In a prospective cohort study reported in JAMA Network Open, Metwally et al found no significant differences in positive examination, cancer detection, or false-positive rates among individuals with vs without self-reported lung-related comorbidities undergoing low-dose computed tomography lung cancer screening.
Data for the study were collected as part of the North Carolina Lung Screening Registry, a National Cancer Institute–funded research registry that prospectively collects data on individuals undergoing lung cancer screening as part of routine clinical practice at participating locations throughout North Carolina. The current analysis included individuals undergoing lung cancer screening at five participating academic and community screening sites between January 2014 and November 2020. Lung-related comorbidities included chronic obstructive pulmonary disease, chronic bronchitis, emphysema, asthma, bronchiectasis, pulmonary fibrosis, silicosis, asbestosis, sarcoidosis, and tuberculosis.
The study population consisted of 611 individuals who completed a one-page health history questionnaire. Of these, 335 (54.8%) had at least one lung-related comorbidity. In the total population, 308 patients (50.4%) were men, and the mean age was 64 years.
Individuals with vs without lung-related comorbidity were more likely to be female vs male (180 [53.7%] of 335 vs 123 [44.6%] of 276, P = .02), White vs non-White race (275 [84.4%] of 326 vs 193 [71.0%] of 272, P < .001), and to have an education level of high school or less vs greater than high school (108 [46.7%] of 231 vs 64 [30.8%] of 208, P = .001). For individuals with vs without lung-related comorbidity, lung cancer screening examinations were positive in 37 (16.0%) vs 22 (11.1%) at baseline examination (P = .14) and in 40 (12.3%) vs 23 (10.6%) at subsequent examination (P = .54).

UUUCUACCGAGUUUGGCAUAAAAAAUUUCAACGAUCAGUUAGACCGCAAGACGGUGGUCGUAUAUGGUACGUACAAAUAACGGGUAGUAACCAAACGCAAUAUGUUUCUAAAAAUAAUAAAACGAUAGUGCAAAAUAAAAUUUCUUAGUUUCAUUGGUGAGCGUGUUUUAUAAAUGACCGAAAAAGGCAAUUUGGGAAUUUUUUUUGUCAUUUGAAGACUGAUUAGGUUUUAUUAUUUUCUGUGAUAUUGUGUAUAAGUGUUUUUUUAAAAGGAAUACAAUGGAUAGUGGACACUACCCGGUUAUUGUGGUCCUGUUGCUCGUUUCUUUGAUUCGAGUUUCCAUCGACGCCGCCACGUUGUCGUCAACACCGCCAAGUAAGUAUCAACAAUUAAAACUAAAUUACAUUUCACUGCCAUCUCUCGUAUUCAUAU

The cancer detection rate was 1.6 per 100 examinations in individuals with and 1.9 per 100 examinations in individuals without lung-related comorbidity (P = .73). The false-positive rate was 13.0 per 100 examinations vs 9.3 per 100 examinations in individuals with vs without lung-related comorbidity (P = .16). Among the 17 individuals diagnosed with lung cancer, 13 (76.5%) were diagnosed with stage I disease.
The investigators concluded, “The findings of this study suggest that individuals with self-reported lung-related comorbidities undergoing lung cancer screening were more likely to be female, of White race, and have less education than those without lung-related comorbidity. Although no statistically significant differences in the proportion of positive examinations, cancer detection rates, or false-positive rates by self-reported lung comorbidities were noted, additional studies with larger numbers of individuals undergoing screening are needed to understand lung cancer screening outcomes in those with lung-related comorbidities.”
Eman M. Metwally, MD, of the Cancer Control Education Program, Lineberger Comprehensive Cancer Center, University of North Carolina at Chapel Hill, is the corresponding author for the JAMA Network Open article.
Disclosure: The study was supported by grants from the National Cancer Institute. For full disclosures of the study authors, visit jamanetwork.com.The content in this post has not been reviewed by the American Society of Clinical Oncology, Inc. (ASCO®) and does not necessarily reflect the ideas and opinions of ASCO®.